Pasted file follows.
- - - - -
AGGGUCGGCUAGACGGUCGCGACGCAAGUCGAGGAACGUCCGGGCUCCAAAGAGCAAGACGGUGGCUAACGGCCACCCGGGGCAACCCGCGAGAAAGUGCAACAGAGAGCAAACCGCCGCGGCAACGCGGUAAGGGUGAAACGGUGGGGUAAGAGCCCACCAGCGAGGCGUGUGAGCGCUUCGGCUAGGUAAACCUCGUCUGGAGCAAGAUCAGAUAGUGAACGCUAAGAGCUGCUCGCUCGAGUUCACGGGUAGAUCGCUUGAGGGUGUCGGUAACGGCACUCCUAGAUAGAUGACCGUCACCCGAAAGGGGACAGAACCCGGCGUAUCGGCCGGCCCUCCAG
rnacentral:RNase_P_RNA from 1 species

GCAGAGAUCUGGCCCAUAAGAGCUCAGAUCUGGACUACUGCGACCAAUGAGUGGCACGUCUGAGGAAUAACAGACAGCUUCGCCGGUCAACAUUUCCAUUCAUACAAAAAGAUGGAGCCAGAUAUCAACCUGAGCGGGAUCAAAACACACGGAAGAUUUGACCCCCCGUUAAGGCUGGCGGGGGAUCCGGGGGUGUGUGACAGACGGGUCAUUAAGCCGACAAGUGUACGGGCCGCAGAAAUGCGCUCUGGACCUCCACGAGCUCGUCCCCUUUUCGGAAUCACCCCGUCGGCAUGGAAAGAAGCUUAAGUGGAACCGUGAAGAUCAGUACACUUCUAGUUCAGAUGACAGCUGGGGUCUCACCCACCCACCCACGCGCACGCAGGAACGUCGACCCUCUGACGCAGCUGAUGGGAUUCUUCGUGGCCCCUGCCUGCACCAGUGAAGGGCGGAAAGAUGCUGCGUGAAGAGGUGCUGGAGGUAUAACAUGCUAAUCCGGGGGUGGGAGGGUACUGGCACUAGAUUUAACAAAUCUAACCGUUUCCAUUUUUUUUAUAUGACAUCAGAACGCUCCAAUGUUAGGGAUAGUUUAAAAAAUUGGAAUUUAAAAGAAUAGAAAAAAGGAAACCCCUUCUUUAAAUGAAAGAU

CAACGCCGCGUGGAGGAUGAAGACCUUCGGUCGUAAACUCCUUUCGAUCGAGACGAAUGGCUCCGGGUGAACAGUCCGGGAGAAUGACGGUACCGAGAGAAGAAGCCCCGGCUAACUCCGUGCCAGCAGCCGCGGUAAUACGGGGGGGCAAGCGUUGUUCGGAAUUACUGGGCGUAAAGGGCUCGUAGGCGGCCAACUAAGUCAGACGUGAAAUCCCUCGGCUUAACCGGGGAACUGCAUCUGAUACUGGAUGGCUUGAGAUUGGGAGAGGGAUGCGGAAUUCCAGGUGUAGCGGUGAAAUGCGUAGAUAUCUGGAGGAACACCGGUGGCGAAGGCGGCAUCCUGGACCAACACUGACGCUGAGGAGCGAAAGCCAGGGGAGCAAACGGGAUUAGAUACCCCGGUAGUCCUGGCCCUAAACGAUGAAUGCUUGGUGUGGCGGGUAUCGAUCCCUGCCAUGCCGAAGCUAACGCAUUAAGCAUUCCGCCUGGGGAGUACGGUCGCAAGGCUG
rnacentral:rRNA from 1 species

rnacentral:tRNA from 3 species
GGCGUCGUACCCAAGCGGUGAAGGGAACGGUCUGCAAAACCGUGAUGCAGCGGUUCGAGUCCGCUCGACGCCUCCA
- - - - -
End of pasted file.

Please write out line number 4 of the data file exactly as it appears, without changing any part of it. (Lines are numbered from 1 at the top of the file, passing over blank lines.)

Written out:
CAACGCCGCGUGGAGGAUGAAGACCUUCGGUCGUAAACUCCUUUCGAUCGAGACGAAUGGCUCCGGGUGAACAGUCCGGGAGAAUGACGGUACCGAGAGAAGAAGCCCCGGCUAACUCCGUGCCAGCAGCCGCGGUAAUACGGGGGGGCAAGCGUUGUUCGGAAUUACUGGGCGUAAAGGGCUCGUAGGCGGCCAACUAAGUCAGACGUGAAAUCCCUCGGCUUAACCGGGGAACUGCAUCUGAUACUGGAUGGCUUGAGAUUGGGAGAGGGAUGCGGAAUUCCAGGUGUAGCGGUGAAAUGCGUAGAUAUCUGGAGGAACACCGGUGGCGAAGGCGGCAUCCUGGACCAACACUGACGCUGAGGAGCGAAAGCCAGGGGAGCAAACGGGAUUAGAUACCCCGGUAGUCCUGGCCCUAAACGAUGAAUGCUUGGUGUGGCGGGUAUCGAUCCCUGCCAUGCCGAAGCUAACGCAUUAAGCAUUCCGCCUGGGGAGUACGGUCGCAAGGCUG